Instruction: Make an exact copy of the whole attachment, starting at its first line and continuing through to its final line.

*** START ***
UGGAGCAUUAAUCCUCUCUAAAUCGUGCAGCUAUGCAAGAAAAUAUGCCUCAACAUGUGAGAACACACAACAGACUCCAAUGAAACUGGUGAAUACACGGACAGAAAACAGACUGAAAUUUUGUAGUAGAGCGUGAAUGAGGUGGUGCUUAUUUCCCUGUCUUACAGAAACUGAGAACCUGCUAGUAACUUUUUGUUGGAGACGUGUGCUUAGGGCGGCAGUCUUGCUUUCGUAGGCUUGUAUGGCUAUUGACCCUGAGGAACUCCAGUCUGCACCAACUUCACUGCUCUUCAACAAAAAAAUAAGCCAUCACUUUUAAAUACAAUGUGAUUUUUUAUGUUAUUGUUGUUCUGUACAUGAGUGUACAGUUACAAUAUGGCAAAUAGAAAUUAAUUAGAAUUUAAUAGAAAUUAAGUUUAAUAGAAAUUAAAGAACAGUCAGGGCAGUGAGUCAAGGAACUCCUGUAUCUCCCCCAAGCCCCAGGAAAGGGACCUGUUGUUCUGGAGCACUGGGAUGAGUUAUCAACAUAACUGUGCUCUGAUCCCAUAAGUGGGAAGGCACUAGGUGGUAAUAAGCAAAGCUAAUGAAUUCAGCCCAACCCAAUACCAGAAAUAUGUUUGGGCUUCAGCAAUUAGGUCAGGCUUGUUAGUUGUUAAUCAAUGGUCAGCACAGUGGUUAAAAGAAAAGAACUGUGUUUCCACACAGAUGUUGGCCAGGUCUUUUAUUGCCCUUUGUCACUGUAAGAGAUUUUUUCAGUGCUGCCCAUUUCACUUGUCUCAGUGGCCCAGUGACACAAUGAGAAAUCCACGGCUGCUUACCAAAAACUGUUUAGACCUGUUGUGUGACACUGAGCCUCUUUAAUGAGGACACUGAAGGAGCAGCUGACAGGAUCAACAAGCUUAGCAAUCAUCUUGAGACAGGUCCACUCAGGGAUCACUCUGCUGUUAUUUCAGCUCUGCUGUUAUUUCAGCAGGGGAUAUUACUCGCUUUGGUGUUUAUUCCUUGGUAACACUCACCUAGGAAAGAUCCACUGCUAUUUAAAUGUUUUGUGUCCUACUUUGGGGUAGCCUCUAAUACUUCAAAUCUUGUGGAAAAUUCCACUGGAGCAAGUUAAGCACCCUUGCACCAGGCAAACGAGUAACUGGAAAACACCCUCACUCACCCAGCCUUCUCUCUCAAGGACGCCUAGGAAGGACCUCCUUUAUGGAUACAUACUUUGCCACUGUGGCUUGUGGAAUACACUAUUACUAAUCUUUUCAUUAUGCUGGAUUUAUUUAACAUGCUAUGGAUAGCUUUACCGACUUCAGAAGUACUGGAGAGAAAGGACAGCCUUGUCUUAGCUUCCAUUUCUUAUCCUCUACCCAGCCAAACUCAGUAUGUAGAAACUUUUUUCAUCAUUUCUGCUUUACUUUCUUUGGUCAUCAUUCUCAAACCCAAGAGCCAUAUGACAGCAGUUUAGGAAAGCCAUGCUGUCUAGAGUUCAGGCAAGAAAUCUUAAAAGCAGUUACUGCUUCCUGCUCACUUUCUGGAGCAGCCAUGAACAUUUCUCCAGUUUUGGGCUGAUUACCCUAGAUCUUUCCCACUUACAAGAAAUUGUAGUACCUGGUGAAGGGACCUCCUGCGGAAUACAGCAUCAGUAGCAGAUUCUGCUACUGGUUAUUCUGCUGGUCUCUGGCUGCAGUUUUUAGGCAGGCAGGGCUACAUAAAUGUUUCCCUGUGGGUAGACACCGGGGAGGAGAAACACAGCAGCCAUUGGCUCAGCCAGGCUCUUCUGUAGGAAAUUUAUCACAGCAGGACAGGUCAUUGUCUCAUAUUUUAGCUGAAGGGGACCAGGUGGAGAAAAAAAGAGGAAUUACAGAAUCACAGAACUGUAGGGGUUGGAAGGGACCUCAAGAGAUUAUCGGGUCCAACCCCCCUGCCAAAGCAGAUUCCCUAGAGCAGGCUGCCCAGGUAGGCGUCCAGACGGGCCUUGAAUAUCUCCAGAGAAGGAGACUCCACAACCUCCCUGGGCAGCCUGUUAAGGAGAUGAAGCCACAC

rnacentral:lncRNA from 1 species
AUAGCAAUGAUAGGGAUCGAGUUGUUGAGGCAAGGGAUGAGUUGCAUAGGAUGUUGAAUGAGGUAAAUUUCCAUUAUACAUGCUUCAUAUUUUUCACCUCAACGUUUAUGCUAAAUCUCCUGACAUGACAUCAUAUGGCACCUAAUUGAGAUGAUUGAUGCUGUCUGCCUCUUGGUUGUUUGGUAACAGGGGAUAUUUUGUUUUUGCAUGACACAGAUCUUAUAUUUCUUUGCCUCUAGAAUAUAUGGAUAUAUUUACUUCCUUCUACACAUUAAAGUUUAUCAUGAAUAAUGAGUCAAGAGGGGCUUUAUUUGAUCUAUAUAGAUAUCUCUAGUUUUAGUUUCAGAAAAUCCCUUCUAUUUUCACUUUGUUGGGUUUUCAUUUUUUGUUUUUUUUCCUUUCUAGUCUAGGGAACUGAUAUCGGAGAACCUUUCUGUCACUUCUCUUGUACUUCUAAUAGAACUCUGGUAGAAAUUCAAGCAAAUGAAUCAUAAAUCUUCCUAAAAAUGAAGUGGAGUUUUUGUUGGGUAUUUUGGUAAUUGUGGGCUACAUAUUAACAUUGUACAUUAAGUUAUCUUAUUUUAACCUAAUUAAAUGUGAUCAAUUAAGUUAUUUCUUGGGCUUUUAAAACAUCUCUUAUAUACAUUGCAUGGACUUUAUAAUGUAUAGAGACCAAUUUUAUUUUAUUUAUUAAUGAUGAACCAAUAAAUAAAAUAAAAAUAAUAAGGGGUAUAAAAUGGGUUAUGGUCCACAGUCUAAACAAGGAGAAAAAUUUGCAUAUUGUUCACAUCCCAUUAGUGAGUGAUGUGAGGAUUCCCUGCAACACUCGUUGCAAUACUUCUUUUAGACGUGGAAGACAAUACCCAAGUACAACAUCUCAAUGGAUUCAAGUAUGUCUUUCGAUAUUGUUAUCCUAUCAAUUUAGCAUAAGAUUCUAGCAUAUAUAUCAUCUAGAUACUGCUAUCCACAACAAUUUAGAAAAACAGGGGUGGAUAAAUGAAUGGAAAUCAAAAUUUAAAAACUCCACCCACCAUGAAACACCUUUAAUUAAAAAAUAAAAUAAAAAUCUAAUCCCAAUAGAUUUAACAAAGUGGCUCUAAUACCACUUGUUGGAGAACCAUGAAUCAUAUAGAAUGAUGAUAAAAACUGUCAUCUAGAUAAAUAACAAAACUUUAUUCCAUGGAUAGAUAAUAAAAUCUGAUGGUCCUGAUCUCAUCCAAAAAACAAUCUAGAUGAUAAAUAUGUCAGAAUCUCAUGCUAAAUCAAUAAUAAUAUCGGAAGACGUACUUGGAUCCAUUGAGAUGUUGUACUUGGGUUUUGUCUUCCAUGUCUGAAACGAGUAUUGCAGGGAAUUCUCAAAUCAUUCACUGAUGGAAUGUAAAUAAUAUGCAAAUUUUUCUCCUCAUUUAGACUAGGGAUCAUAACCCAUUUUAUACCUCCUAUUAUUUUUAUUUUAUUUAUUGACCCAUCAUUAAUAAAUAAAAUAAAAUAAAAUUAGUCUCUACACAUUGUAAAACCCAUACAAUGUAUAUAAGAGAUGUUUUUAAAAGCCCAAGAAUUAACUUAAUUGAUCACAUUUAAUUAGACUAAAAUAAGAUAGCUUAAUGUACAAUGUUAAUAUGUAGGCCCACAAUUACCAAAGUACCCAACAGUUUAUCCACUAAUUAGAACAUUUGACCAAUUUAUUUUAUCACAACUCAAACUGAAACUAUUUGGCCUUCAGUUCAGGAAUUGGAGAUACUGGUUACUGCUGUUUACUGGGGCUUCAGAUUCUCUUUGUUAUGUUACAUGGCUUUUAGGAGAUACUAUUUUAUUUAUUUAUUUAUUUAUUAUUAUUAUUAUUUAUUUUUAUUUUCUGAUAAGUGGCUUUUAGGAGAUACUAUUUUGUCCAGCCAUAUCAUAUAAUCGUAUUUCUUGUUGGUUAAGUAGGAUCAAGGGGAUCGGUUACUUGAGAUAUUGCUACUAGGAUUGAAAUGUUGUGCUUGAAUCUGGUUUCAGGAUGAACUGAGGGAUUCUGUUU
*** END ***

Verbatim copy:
UGGAGCAUUAAUCCUCUCUAAAUCGUGCAGCUAUGCAAGAAAAUAUGCCUCAACAUGUGAGAACACACAACAGACUCCAAUGAAACUGGUGAAUACACGGACAGAAAACAGACUGAAAUUUUGUAGUAGAGCGUGAAUGAGGUGGUGCUUAUUUCCCUGUCUUACAGAAACUGAGAACCUGCUAGUAACUUUUUGUUGGAGACGUGUGCUUAGGGCGGCAGUCUUGCUUUCGUAGGCUUGUAUGGCUAUUGACCCUGAGGAACUCCAGUCUGCACCAACUUCACUGCUCUUCAACAAAAAAAUAAGCCAUCACUUUUAAAUACAAUGUGAUUUUUUAUGUUAUUGUUGUUCUGUACAUGAGUGUACAGUUACAAUAUGGCAAAUAGAAAUUAAUUAGAAUUUAAUAGAAAUUAAGUUUAAUAGAAAUUAAAGAACAGUCAGGGCAGUGAGUCAAGGAACUCCUGUAUCUCCCCCAAGCCCCAGGAAAGGGACCUGUUGUUCUGGAGCACUGGGAUGAGUUAUCAACAUAACUGUGCUCUGAUCCCAUAAGUGGGAAGGCACUAGGUGGUAAUAAGCAAAGCUAAUGAAUUCAGCCCAACCCAAUACCAGAAAUAUGUUUGGGCUUCAGCAAUUAGGUCAGGCUUGUUAGUUGUUAAUCAAUGGUCAGCACAGUGGUUAAAAGAAAAGAACUGUGUUUCCACACAGAUGUUGGCCAGGUCUUUUAUUGCCCUUUGUCACUGUAAGAGAUUUUUUCAGUGCUGCCCAUUUCACUUGUCUCAGUGGCCCAGUGACACAAUGAGAAAUCCACGGCUGCUUACCAAAAACUGUUUAGACCUGUUGUGUGACACUGAGCCUCUUUAAUGAGGACACUGAAGGAGCAGCUGACAGGAUCAACAAGCUUAGCAAUCAUCUUGAGACAGGUCCACUCAGGGAUCACUCUGCUGUUAUUUCAGCUCUGCUGUUAUUUCAGCAGGGGAUAUUACUCGCUUUGGUGUUUAUUCCUUGGUAACACUCACCUAGGAAAGAUCCACUGCUAUUUAAAUGUUUUGUGUCCUACUUUGGGGUAGCCUCUAAUACUUCAAAUCUUGUGGAAAAUUCCACUGGAGCAAGUUAAGCACCCUUGCACCAGGCAAACGAGUAACUGGAAAACACCCUCACUCACCCAGCCUUCUCUCUCAAGGACGCCUAGGAAGGACCUCCUUUAUGGAUACAUACUUUGCCACUGUGGCUUGUGGAAUACACUAUUACUAAUCUUUUCAUUAUGCUGGAUUUAUUUAACAUGCUAUGGAUAGCUUUACCGACUUCAGAAGUACUGGAGAGAAAGGACAGCCUUGUCUUAGCUUCCAUUUCUUAUCCUCUACCCAGCCAAACUCAGUAUGUAGAAACUUUUUUCAUCAUUUCUGCUUUACUUUCUUUGGUCAUCAUUCUCAAACCCAAGAGCCAUAUGACAGCAGUUUAGGAAAGCCAUGCUGUCUAGAGUUCAGGCAAGAAAUCUUAAAAGCAGUUACUGCUUCCUGCUCACUUUCUGGAGCAGCCAUGAACAUUUCUCCAGUUUUGGGCUGAUUACCCUAGAUCUUUCCCACUUACAAGAAAUUGUAGUACCUGGUGAAGGGACCUCCUGCGGAAUACAGCAUCAGUAGCAGAUUCUGCUACUGGUUAUUCUGCUGGUCUCUGGCUGCAGUUUUUAGGCAGGCAGGGCUACAUAAAUGUUUCCCUGUGGGUAGACACCGGGGAGGAGAAACACAGCAGCCAUUGGCUCAGCCAGGCUCUUCUGUAGGAAAUUUAUCACAGCAGGACAGGUCAUUGUCUCAUAUUUUAGCUGAAGGGGACCAGGUGGAGAAAAAAAGAGGAAUUACAGAAUCACAGAACUGUAGGGGUUGGAAGGGACCUCAAGAGAUUAUCGGGUCCAACCCCCCUGCCAAAGCAGAUUCCCUAGAGCAGGCUGCCCAGGUAGGCGUCCAGACGGGCCUUGAAUAUCUCCAGAGAAGGAGACUCCACAACCUCCCUGGGCAGCCUGUUAAGGAGAUGAAGCCACAC

rnacentral:lncRNA from 1 species
AUAGCAAUGAUAGGGAUCGAGUUGUUGAGGCAAGGGAUGAGUUGCAUAGGAUGUUGAAUGAGGUAAAUUUCCAUUAUACAUGCUUCAUAUUUUUCACCUCAACGUUUAUGCUAAAUCUCCUGACAUGACAUCAUAUGGCACCUAAUUGAGAUGAUUGAUGCUGUCUGCCUCUUGGUUGUUUGGUAACAGGGGAUAUUUUGUUUUUGCAUGACACAGAUCUUAUAUUUCUUUGCCUCUAGAAUAUAUGGAUAUAUUUACUUCCUUCUACACAUUAAAGUUUAUCAUGAAUAAUGAGUCAAGAGGGGCUUUAUUUGAUCUAUAUAGAUAUCUCUAGUUUUAGUUUCAGAAAAUCCCUUCUAUUUUCACUUUGUUGGGUUUUCAUUUUUUGUUUUUUUUCCUUUCUAGUCUAGGGAACUGAUAUCGGAGAACCUUUCUGUCACUUCUCUUGUACUUCUAAUAGAACUCUGGUAGAAAUUCAAGCAAAUGAAUCAUAAAUCUUCCUAAAAAUGAAGUGGAGUUUUUGUUGGGUAUUUUGGUAAUUGUGGGCUACAUAUUAACAUUGUACAUUAAGUUAUCUUAUUUUAACCUAAUUAAAUGUGAUCAAUUAAGUUAUUUCUUGGGCUUUUAAAACAUCUCUUAUAUACAUUGCAUGGACUUUAUAAUGUAUAGAGACCAAUUUUAUUUUAUUUAUUAAUGAUGAACCAAUAAAUAAAAUAAAAAUAAUAAGGGGUAUAAAAUGGGUUAUGGUCCACAGUCUAAACAAGGAGAAAAAUUUGCAUAUUGUUCACAUCCCAUUAGUGAGUGAUGUGAGGAUUCCCUGCAACACUCGUUGCAAUACUUCUUUUAGACGUGGAAGACAAUACCCAAGUACAACAUCUCAAUGGAUUCAAGUAUGUCUUUCGAUAUUGUUAUCCUAUCAAUUUAGCAUAAGAUUCUAGCAUAUAUAUCAUCUAGAUACUGCUAUCCACAACAAUUUAGAAAAACAGGGGUGGAUAAAUGAAUGGAAAUCAAAAUUUAAAAACUCCACCCACCAUGAAACACCUUUAAUUAAAAAAUAAAAUAAAAAUCUAAUCCCAAUAGAUUUAACAAAGUGGCUCUAAUACCACUUGUUGGAGAACCAUGAAUCAUAUAGAAUGAUGAUAAAAACUGUCAUCUAGAUAAAUAACAAAACUUUAUUCCAUGGAUAGAUAAUAAAAUCUGAUGGUCCUGAUCUCAUCCAAAAAACAAUCUAGAUGAUAAAUAUGUCAGAAUCUCAUGCUAAAUCAAUAAUAAUAUCGGAAGACGUACUUGGAUCCAUUGAGAUGUUGUACUUGGGUUUUGUCUUCCAUGUCUGAAACGAGUAUUGCAGGGAAUUCUCAAAUCAUUCACUGAUGGAAUGUAAAUAAUAUGCAAAUUUUUCUCCUCAUUUAGACUAGGGAUCAUAACCCAUUUUAUACCUCCUAUUAUUUUUAUUUUAUUUAUUGACCCAUCAUUAAUAAAUAAAAUAAAAUAAAAUUAGUCUCUACACAUUGUAAAACCCAUACAAUGUAUAUAAGAGAUGUUUUUAAAAGCCCAAGAAUUAACUUAAUUGAUCACAUUUAAUUAGACUAAAAUAAGAUAGCUUAAUGUACAAUGUUAAUAUGUAGGCCCACAAUUACCAAAGUACCCAACAGUUUAUCCACUAAUUAGAACAUUUGACCAAUUUAUUUUAUCACAACUCAAACUGAAACUAUUUGGCCUUCAGUUCAGGAAUUGGAGAUACUGGUUACUGCUGUUUACUGGGGCUUCAGAUUCUCUUUGUUAUGUUACAUGGCUUUUAGGAGAUACUAUUUUAUUUAUUUAUUUAUUUAUUAUUAUUAUUAUUUAUUUUUAUUUUCUGAUAAGUGGCUUUUAGGAGAUACUAUUUUGUCCAGCCAUAUCAUAUAAUCGUAUUUCUUGUUGGUUAAGUAGGAUCAAGGGGAUCGGUUACUUGAGAUAUUGCUACUAGGAUUGAAAUGUUGUGCUUGAAUCUGGUUUCAGGAUGAACUGAGGGAUUCUGUUU